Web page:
31_train_trackIn October, the U.S. Court of Appeals for the First Circuit vacated and remanded back to the U.S. District Court for the District of Massachusetts a premises liability case that could have a significant impact on landowner rights.

In Menard v. CSX Transportation, Inc., a trespasser named Menard injured himself as he walked across an active rail yard on his commute home.  Menard argued that CSX employees breached their duty of care by failing to warn him to leave the property.  However, both the District Court and the First Circuit determined that, as a trespasser, “the duty owed to him – unless and until a specific peril threatened him and this became known to CSX – was only to avoid willful, wanton or reckless conduct.”

At issue on the limited remand is whether Menard was in fact in peril and, if he was, whether CSX employees acted negligently.  The District Court should reassert its previous position and, following Massachusetts case-law, hold that absent aggravating circumstances, an adult who chooses to trespass upon railroad tracks is not entitled to recover.

The First Circuit relied on the 1982 Massachusetts Supreme Judicial Court case of Schofield v. Merrill, in which that court squarely rejected a proposal by the dissenters to expand landowners’ duties to trespassers.  Specifically, the Court stated that a “trespasser is entitled to no greater duty of care from … the landowner… than that he refrain from willful wanton or reckless disregard for the trespasser’s safety”, although “reasonable care” is owed to trespassers who are known to be in a “position of peril”.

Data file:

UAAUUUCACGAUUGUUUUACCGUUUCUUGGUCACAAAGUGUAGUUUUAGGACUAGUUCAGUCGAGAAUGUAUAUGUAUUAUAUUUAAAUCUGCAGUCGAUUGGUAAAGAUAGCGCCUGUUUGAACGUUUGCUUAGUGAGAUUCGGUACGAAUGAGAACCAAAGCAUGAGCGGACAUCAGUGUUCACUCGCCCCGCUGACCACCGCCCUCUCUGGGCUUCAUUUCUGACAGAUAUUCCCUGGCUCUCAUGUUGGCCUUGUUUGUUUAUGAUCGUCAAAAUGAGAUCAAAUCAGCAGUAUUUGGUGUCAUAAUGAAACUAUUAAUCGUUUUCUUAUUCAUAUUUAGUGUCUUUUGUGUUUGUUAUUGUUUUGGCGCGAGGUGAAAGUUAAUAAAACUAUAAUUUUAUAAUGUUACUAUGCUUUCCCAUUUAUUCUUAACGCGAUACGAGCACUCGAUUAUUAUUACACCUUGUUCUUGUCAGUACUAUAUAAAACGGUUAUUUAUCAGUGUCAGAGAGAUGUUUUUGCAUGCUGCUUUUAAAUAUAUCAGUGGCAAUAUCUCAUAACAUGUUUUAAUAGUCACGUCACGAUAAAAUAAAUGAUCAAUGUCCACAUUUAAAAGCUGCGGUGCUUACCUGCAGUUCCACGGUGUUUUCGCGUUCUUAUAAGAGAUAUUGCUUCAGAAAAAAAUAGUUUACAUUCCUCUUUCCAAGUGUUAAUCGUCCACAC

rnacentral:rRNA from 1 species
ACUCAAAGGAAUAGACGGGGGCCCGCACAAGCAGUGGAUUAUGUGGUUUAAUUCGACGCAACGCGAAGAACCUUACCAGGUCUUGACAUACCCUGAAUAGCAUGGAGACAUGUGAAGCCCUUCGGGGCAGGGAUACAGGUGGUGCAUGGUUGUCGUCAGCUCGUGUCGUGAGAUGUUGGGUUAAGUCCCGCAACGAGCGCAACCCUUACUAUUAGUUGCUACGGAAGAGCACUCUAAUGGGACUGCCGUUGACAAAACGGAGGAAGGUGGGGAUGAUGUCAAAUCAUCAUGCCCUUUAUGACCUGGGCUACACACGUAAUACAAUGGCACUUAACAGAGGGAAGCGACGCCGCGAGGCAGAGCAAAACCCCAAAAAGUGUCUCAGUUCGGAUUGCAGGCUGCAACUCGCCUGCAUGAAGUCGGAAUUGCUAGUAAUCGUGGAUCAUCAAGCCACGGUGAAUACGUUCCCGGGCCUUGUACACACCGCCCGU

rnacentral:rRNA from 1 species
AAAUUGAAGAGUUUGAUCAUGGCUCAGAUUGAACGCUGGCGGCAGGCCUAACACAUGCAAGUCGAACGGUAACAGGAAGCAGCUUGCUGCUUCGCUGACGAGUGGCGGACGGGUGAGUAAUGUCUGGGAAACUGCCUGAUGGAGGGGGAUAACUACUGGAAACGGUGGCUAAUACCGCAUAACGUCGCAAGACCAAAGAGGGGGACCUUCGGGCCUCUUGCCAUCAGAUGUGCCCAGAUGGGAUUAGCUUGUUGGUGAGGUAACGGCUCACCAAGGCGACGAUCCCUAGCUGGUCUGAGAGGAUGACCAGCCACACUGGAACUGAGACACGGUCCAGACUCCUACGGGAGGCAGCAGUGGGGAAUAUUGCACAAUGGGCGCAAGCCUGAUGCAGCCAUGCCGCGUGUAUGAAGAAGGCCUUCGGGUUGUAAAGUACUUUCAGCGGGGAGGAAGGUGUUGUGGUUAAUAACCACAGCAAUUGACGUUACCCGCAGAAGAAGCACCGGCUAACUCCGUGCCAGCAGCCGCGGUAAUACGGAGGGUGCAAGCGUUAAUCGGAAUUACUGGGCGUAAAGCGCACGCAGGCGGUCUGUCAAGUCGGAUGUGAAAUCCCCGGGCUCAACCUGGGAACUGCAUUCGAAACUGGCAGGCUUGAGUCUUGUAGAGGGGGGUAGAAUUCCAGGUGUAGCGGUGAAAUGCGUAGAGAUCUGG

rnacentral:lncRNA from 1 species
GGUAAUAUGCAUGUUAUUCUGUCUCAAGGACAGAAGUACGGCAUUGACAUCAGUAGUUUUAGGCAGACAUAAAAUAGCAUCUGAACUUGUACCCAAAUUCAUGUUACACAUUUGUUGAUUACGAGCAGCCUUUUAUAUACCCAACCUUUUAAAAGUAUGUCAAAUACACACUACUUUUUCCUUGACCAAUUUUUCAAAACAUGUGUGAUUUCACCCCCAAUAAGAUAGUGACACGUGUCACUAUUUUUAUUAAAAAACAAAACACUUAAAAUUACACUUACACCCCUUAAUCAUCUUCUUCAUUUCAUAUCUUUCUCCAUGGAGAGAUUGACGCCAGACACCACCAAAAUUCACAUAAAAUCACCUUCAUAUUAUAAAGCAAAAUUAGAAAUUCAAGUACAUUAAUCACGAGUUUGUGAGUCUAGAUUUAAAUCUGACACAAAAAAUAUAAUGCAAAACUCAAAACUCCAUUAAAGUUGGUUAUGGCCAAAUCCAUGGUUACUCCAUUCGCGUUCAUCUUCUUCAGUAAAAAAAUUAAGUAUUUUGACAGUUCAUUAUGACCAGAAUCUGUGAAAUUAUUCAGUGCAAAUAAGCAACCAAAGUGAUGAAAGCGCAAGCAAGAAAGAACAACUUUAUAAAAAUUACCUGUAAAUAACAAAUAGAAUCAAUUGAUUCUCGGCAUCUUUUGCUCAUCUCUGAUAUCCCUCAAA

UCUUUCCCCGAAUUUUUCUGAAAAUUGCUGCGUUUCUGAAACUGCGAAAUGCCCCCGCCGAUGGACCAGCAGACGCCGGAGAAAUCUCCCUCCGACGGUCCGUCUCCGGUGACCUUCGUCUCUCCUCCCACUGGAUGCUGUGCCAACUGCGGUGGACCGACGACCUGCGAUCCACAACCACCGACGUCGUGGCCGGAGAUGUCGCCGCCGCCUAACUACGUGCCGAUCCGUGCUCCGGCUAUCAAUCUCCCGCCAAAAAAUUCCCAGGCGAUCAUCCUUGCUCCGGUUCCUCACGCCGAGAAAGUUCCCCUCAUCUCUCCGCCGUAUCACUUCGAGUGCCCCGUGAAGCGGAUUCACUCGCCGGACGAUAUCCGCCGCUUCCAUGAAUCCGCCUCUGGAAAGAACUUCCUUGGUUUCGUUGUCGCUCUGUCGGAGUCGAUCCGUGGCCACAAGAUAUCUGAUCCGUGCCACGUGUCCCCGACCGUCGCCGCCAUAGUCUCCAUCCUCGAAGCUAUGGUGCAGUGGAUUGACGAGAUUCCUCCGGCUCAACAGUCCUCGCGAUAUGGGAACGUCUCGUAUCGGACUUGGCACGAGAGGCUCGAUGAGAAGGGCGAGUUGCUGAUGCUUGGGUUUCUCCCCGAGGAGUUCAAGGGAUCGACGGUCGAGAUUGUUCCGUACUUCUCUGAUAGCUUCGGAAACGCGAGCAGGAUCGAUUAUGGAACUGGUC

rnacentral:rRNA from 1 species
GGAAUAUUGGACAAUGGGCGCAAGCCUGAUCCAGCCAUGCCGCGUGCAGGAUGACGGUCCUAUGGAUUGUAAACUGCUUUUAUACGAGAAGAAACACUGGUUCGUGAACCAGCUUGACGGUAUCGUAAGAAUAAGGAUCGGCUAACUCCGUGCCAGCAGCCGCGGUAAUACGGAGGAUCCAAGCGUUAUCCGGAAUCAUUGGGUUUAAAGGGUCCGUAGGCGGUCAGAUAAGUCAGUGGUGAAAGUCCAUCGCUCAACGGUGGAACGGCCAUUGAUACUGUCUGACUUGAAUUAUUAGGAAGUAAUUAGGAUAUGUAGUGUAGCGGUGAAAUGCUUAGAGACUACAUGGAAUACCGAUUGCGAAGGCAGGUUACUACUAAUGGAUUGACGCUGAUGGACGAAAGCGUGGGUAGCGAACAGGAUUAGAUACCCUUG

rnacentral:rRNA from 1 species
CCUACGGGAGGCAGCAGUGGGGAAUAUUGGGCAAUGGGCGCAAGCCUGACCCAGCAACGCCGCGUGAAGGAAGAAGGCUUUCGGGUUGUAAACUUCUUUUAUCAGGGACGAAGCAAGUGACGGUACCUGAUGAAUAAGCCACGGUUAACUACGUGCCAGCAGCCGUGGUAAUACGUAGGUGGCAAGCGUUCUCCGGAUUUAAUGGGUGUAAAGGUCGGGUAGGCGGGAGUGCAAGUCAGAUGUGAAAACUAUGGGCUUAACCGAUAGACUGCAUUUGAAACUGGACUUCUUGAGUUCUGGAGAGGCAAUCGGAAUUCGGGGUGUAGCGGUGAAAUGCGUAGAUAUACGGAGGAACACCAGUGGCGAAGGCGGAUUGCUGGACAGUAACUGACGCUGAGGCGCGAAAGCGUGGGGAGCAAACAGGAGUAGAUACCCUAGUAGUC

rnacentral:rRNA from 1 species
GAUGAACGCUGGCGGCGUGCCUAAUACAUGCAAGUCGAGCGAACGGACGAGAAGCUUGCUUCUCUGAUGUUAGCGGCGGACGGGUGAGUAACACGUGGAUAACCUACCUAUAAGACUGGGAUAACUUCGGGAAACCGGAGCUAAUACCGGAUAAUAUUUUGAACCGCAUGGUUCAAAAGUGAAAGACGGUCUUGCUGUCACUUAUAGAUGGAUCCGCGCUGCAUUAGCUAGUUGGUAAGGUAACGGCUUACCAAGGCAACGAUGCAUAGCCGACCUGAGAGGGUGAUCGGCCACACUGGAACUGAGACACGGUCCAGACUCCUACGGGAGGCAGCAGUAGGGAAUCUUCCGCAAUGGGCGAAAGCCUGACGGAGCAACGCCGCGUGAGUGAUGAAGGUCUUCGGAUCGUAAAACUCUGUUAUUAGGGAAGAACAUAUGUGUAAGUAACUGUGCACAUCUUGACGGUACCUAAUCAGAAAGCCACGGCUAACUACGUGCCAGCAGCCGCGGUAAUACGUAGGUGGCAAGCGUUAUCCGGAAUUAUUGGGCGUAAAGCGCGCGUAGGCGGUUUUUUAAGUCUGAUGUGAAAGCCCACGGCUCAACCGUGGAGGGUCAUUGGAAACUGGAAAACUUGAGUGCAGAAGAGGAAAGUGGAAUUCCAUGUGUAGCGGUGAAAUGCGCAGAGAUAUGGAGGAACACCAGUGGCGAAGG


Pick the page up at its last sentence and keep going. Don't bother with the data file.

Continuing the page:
Contrary to Menard’s arguments, as the First Circuit points out, nothing in Menard’s complaint supports the general allegation that Menard was seen by CSX employees who knew he was in peril or, if seen, could have been rescued by reasonable care.  As the district judge observed, Menard never alleged that he “saw any employees in the vicinity of the railroad switch when he was injured, that he called to anyone for help, or that any specific person saw Mr. Menard’s peril.”  Therefore, Menard does not fall into the “specific peril” exception.

Further, a ruling in favor of Menard would encourage plaintiffs to sue businesses for injuries that were predominately the fault of the plaintiffs.  If businesses are liable for injuries to those on their property both with and without permission, it is likely that these businesses would be party to never-ending lawsuits.  Additionally, if businesses are held to the same standard for trespassers as they are for those rightfully on the property, the businesses will face increased security and insurance costs in an effort to keep trespassers off the property and to protect themselves against almost certain litigation.

For both legal and policy reasons, the U.S. District Court for the District of Massachusetts should rule that landowners owe no duty to trespassers unless that trespasser is known to be in peril and can be rescued with reasonable care.